Retirees of Goodyear Tire & Rubber Co. Employee Healthcare Trust Committee v. Steely, No. 5:19-CV-1893, 2019 WL 7372321 (N.D. Ohio Dec. 31, 2019) (Judge Sara Lioi). Plaintiff in this case is a Trust Committee established by a settlement agreement from earlier litigation between Goodyear and its employee retirees. Pursuant to the settlement agreement, the Trust Committee was authorized to establish a benefit plan, the purpose of which was “to fund health care benefits for eligible retirees of the Goodyear Tire & Rubber Company.” In this action, the primary defendant, Steely, was a plan participant who suffered personal injuries in a golf cart accident and received medical benefits from the plan. Steely settled with a third party to compensate her for her injuries, but according to the Trust Committee, did not fully repay the plan as required by the plan’s reimbursement provisions. The Trust Committee sued Steely and her attorney under ERISA to enforce the terms of the plan. In response, Defendants did not challenge the application of the plan’s reimbursement provisions. Instead, they filed a motion to dismiss for lack of subject matter jurisdiction, arguing that the Trust Committee could not allege claims for relief under ERISA because the plan did not satisfy ERISA’s definitional requirements. Specifically, defendants argued that the plan could only be an ERISA plan if it was established or maintained by an employer or “employee organization.” Defendants further argued that the Trust Committee, which established the plan, did not satisfy the Department of Labor’s definition of “employee organization” because no employees participated in the Trust Committee and membership in the Committee was not conditioned on employment status. The Trust Committee responded that the plan was intended to be governed by ERISA, that it complied with IRS regulations, and that all the plan participants were former employees who were covered by the original ERISA-governed Goodyear benefit plan. The court agreed with Defendants. The court found that regardless of how the plan was created, or who the plan participants were, the plan still needed to satisfy ERISA’s criteria for plan formation. Because the plan was established by the Trust Committee, and because membership on the Trust Committee was not conditioned on employment status, the Trust Committee did not qualify as an “employee organization” under ERISA. As a result, the plan was not an ERISA-governed plan, the Trust Committee was not permitted to seek relief under ERISA, and the court dismissed the action for lack of subject matter jurisdiction.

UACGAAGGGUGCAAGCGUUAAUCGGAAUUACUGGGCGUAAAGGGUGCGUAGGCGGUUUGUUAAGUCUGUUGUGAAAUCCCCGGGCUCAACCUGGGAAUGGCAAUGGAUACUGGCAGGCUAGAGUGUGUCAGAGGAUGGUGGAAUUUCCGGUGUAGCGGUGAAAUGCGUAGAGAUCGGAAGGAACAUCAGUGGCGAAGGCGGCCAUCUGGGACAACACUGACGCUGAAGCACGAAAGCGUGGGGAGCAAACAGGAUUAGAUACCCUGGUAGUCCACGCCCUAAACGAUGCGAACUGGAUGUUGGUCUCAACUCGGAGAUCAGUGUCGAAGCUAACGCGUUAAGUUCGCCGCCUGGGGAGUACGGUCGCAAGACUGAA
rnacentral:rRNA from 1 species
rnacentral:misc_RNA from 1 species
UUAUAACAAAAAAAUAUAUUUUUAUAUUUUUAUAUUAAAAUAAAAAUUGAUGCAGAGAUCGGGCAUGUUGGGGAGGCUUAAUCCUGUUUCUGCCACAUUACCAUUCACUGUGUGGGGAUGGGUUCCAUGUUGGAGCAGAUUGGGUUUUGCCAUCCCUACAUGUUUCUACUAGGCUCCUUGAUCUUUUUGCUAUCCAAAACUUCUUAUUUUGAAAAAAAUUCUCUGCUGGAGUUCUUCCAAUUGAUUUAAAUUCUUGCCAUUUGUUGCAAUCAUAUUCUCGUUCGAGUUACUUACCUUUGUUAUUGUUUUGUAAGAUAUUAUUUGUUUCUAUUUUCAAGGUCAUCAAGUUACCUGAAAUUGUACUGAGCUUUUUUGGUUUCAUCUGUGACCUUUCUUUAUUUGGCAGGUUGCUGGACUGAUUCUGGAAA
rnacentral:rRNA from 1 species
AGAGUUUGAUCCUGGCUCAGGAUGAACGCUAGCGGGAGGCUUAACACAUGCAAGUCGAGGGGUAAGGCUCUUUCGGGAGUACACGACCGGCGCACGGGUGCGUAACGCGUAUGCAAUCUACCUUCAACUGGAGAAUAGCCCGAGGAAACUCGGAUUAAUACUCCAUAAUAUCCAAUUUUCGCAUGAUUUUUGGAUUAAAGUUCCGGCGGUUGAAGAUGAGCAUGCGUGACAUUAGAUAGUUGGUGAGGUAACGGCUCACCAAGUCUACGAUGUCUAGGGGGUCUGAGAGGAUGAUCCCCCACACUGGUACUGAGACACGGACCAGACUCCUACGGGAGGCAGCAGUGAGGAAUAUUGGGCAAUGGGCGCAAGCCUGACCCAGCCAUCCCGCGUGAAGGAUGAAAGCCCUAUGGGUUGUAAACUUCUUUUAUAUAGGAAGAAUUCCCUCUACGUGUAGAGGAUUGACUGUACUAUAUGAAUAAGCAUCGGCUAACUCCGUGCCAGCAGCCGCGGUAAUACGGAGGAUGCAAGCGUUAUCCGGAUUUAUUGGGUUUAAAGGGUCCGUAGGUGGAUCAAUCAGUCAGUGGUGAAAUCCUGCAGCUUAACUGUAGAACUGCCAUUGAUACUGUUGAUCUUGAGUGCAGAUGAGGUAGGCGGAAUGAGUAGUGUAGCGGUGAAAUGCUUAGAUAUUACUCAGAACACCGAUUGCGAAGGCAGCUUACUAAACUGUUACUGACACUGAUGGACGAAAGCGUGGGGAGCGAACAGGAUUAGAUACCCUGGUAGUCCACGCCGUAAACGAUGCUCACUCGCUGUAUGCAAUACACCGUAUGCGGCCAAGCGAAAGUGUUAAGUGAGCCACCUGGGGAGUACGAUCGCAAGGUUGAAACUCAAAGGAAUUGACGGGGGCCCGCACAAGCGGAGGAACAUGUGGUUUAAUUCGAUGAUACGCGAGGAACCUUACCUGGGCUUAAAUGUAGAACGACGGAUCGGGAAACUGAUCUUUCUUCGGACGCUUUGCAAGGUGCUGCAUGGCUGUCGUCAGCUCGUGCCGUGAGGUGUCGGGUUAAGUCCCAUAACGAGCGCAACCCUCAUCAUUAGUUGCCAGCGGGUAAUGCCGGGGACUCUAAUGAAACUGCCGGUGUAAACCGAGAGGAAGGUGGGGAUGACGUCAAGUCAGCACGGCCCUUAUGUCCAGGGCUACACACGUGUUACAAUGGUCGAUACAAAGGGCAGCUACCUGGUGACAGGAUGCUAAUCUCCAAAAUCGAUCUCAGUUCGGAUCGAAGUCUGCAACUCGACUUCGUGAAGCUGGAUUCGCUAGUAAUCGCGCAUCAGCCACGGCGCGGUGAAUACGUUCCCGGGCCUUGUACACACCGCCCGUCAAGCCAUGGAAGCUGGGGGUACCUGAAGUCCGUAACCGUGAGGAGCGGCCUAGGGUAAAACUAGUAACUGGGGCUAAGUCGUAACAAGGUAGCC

Pleading Issues & Procedure
Dupont Wright, et al. v. Elton Corp., et al., No. 17-286-JFB, 2019 WL 7293694 (D. Del. Dec. 27, 2019) (Judge Joseph F. Bataillon). This is an action for declaratory and injunctive relief involving an employee benefit trust, allegedly governed by ERISA. The court previously decided that the Mary Chichester duPont Trust was governed by ERISA. Defendants asked the court to certify the case for interlocutory appeal on the issue of the existence of the trust and whether the trust was governed by ERISA. The request was denied because the existence of the trust seemed clear, Plaintiffs had additional claims intertwined with the legal issue decided by the court, this was not an exceptional case, the delay was not justified, and the Third Circuit would likely have to hear and decide this case more than once if an interlocutory appeal was allowed.
Brass v. SPX Corp, 3:14-cv-00656-RJC-DSC, 2019 WL 7373785 (W.D.N.C. Dec. 31, 2019) (Robert J. Conrad). Plaintiff filed this lawsuit to enforce the health benefits provisions of two court-approved settlement agreements. One of Plaintiff’s two actions was under ERISA. The Court, after an analysis of standing in ERISA matters, concluded that because a union is neither a participant or a beneficiary, it lacks standing to file suit under ERISA.
Severance Benefit Claims